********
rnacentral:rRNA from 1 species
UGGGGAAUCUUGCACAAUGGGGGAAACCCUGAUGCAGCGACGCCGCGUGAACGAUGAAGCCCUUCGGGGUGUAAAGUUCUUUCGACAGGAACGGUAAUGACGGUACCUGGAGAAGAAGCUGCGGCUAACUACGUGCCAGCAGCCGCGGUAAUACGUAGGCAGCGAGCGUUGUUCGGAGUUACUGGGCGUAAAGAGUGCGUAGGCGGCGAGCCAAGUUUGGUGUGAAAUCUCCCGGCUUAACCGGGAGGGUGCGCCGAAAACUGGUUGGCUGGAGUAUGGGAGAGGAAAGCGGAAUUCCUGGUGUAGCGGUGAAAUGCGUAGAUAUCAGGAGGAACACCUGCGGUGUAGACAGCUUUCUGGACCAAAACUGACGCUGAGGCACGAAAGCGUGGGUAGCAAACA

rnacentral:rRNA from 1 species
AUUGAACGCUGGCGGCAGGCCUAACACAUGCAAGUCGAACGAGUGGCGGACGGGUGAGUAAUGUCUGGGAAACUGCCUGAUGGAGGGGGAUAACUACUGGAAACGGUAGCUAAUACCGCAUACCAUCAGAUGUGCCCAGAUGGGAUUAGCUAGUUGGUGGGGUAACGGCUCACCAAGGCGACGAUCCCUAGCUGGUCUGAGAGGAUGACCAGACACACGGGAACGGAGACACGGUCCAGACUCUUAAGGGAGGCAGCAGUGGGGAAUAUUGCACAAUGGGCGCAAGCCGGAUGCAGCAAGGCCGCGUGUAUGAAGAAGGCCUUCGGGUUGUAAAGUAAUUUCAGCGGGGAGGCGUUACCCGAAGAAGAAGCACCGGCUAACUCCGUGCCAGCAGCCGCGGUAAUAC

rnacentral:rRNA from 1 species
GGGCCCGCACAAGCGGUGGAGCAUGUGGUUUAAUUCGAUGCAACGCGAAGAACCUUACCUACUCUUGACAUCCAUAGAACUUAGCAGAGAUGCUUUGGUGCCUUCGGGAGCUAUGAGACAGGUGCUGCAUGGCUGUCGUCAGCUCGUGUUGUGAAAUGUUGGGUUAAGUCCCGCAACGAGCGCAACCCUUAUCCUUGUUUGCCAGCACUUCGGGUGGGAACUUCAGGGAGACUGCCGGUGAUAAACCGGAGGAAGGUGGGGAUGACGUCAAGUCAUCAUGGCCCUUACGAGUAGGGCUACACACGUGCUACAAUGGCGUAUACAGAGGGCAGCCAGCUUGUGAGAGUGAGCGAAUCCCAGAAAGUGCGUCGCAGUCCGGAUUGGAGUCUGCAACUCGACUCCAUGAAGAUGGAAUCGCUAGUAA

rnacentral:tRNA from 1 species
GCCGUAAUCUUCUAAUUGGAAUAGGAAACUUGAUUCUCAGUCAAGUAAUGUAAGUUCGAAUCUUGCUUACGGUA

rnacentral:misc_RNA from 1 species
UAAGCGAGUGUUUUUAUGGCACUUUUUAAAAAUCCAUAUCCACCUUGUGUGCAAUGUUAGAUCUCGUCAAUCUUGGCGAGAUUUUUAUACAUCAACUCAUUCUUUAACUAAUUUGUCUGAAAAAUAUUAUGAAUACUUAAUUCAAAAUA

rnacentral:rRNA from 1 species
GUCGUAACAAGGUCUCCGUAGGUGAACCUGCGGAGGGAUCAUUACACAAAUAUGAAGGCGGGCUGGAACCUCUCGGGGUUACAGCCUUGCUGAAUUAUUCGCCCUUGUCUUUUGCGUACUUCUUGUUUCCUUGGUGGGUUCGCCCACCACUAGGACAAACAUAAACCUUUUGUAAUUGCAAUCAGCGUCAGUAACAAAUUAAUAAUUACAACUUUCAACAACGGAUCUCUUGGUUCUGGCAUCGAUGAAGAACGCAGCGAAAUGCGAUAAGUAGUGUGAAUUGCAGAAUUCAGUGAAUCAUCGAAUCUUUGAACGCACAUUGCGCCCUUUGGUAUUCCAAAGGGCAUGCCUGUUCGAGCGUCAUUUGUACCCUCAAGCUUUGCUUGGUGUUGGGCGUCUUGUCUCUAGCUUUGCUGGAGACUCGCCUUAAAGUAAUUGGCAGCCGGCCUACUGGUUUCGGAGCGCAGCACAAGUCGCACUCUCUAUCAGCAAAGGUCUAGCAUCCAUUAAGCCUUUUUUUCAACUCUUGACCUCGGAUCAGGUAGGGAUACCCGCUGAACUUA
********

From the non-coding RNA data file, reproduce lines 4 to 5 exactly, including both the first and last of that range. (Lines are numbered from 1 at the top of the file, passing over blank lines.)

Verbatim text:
AUUGAACGCUGGCGGCAGGCCUAACACAUGCAAGUCGAACGAGUGGCGGACGGGUGAGUAAUGUCUGGGAAACUGCCUGAUGGAGGGGGAUAACUACUGGAAACGGUAGCUAAUACCGCAUACCAUCAGAUGUGCCCAGAUGGGAUUAGCUAGUUGGUGGGGUAACGGCUCACCAAGGCGACGAUCCCUAGCUGGUCUGAGAGGAUGACCAGACACACGGGAACGGAGACACGGUCCAGACUCUUAAGGGAGGCAGCAGUGGGGAAUAUUGCACAAUGGGCGCAAGCCGGAUGCAGCAAGGCCGCGUGUAUGAAGAAGGCCUUCGGGUUGUAAAGUAAUUUCAGCGGGGAGGCGUUACCCGAAGAAGAAGCACCGGCUAACUCCGUGCCAGCAGCCGCGGUAAUAC

rnacentral:rRNA from 1 species